Nervous System

24 Jan–23 Feb 2020
Nervous System
Catherine Telford Keogh

The Globe and Mail, The Brooklyn Rail


Helena Anrather is pleased to present Nervous System, Catherine Telford Keogh’s first solo exhibition in New York, exploring the ways that social, technological and biological systems operate as both open and closed, private and public amalgams.

Telford Keogh’s sculptures and two-dimensional wall works investigate the nature of containing information as it continuously breaks down and re-generates in a highly complex site. Parameters in Telford Keogh’s work are set by diverse realities – physical, linguistic, metaphorical – yet the complex systems they contain always surpass these imposed limits. Three sculptures occupy the floor of the gallery, beckoning the viewer to inspect them from above in their petrified state. The seemingly disjointed materials in these receptacles are culled from diverse industries, including technology, food, and biomedicine. Enshrined in a shared, translucent matter, these disparate elements are enforced into a novel chain of associations. Recalling trash heaps as well as our own gastrointestinal organs, Telford Keogh’s sculptures paradoxically elicit both a sense of stasis, as they lock in their queer medleys, as well as the creeping sense of time, as substances inevitably and languorously disintegrate.

The typeface that coils around and frames the fused materials spells out an alliterative association between the works: community, commune, and cannibalism. All three words suggest a non-autonomous way of being that fundamentally affects our relation to, and produces the need for, more objects and the systems that are used to make sense of them. A site so heavily interactive will necessarily create pollution and, with it, the need for sanitization. Infinite Dreamscape with Paraphernalia Corroded and Distilled Gracefully presents a generic stock image file layered with these alliterative words, logos of oil corporations, and tentacles. This dense field of associations is seen through a film of Palmolive soap, literalizing the intimate relationship between filth and cleanliness.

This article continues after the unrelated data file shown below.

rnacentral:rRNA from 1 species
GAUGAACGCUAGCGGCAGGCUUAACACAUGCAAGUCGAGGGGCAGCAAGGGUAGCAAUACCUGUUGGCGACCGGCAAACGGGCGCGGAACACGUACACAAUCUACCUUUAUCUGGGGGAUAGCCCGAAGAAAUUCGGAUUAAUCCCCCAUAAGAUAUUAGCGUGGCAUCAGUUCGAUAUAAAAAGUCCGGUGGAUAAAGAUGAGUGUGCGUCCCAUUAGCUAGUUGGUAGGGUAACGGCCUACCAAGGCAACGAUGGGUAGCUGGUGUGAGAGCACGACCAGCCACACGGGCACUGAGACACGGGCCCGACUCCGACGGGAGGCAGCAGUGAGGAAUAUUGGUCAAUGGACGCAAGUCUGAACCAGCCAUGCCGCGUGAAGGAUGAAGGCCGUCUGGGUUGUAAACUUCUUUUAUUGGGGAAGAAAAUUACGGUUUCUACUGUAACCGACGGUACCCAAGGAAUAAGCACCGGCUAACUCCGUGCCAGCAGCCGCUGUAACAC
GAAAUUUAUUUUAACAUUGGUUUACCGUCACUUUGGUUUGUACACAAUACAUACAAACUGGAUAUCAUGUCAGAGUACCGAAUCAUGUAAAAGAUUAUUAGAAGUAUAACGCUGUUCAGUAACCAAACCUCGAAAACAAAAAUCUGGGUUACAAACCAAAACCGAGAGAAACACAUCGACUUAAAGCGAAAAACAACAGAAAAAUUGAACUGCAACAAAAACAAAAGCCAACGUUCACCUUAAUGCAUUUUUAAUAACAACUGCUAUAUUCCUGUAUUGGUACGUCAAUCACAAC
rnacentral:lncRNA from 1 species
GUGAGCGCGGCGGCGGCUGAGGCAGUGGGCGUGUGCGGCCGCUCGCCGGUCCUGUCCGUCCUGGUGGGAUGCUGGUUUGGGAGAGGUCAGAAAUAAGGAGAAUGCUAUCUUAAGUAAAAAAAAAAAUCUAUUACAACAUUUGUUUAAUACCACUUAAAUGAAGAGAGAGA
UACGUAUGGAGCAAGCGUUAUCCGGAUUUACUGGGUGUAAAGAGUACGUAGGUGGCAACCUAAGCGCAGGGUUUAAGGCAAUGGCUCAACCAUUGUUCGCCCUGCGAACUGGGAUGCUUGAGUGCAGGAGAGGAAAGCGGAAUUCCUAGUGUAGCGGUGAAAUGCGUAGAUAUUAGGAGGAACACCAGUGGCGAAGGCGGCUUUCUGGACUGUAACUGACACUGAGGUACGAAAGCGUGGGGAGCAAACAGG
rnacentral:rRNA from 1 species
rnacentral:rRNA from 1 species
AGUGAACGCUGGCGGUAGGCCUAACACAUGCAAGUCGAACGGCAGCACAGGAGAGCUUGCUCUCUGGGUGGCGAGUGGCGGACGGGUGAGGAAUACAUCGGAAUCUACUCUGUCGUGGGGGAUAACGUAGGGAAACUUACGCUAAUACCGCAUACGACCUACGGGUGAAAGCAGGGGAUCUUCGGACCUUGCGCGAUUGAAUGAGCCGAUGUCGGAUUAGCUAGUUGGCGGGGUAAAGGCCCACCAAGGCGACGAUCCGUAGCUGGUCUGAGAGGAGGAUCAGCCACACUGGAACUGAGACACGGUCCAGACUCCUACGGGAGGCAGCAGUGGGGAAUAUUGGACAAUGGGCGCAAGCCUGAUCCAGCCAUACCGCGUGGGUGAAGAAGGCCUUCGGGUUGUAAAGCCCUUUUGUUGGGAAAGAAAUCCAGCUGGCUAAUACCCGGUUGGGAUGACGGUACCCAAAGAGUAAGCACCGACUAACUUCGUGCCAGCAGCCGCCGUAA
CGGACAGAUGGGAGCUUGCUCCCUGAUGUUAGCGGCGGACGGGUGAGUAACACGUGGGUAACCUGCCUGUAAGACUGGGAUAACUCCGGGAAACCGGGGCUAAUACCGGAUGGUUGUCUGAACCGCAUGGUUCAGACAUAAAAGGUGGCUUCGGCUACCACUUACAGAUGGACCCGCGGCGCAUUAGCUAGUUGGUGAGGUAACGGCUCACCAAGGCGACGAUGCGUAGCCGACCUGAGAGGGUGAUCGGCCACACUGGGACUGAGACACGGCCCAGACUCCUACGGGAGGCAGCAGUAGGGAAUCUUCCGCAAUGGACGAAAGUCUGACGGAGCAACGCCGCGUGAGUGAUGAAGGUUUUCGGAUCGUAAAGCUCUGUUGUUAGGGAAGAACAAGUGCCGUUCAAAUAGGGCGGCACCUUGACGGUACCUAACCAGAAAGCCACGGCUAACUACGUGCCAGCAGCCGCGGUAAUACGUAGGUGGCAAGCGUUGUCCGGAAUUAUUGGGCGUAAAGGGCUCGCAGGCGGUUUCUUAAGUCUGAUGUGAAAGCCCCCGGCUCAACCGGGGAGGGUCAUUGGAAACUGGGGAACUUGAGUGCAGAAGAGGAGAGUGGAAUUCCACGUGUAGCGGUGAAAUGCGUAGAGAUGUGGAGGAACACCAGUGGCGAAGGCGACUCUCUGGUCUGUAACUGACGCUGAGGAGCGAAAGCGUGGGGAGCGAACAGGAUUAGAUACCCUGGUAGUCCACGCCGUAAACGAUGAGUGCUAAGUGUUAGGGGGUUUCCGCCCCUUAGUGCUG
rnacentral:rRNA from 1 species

Governed by the logic of extending and blending realms, virtual and real, two sculptures entitled Marlowe Bottomed Out Surfing New Lifestyles and Agatha Bottomed Out Watching Late Night T.V. question the limits of this enmeshed space. The ergonomic design of the deconstructed gamer chairs included in these systems reflects fantasy over efficiency; while they appear to enhance the performance and comfort of the gamer, in reality the chairs’ configurations stem from aesthetic connotations of luxury, comfort, and contemporaneity. Equipment within these cubicle-like environments house EXXONMOBIL oils as well as Biopure disinfectant in cast acrylic containers, creating a false sense of stability wherein one can mitigate the discharge of the other. Telford Keogh’s sculptures foreground the fluid cohabitation of incongruous matter while highlighting the excessive output that capitalism engenders.

Loreta Lamargese

Catherine Telford Keogh (Canadian, b. 1986) holds an MFA in Sculpture from Yale School of Art where she received the Fannie B. Pardee Prize and an MAR in Women, Gender and Sexuality Studies from Yale. Selected exhibitions include, Seattle Art Museum, Washington; Bronx Museum, New York; Galerie Antoine Ertaskiran, Montreal; Vox Populi, Pennsylvania; Greenpoint Film Festival, Brooklyn, New York. Recent solo exhibitions include FLAT FOOD at Roberta Palen, Toronto; Source Supplements at Evans Contemporary, Peterborough; SoftFocus® at Planet Storage/Bunker 2, Toronto; and Dental Dam at University of Waterloo Art Gallery, Waterloo. Telford Keogh is a current artist-in-residence at the Pelling Laboratory for Augmented Biology at the University of Ottawa exploring DNA growth in industrialized food and  plastic scaffolds. She lives and works in Toronto.

Catherine Telford Keogh would like to acknowledge the support of the Canada Council for the Arts, Ontario Arts Council and Toronto Arts Council.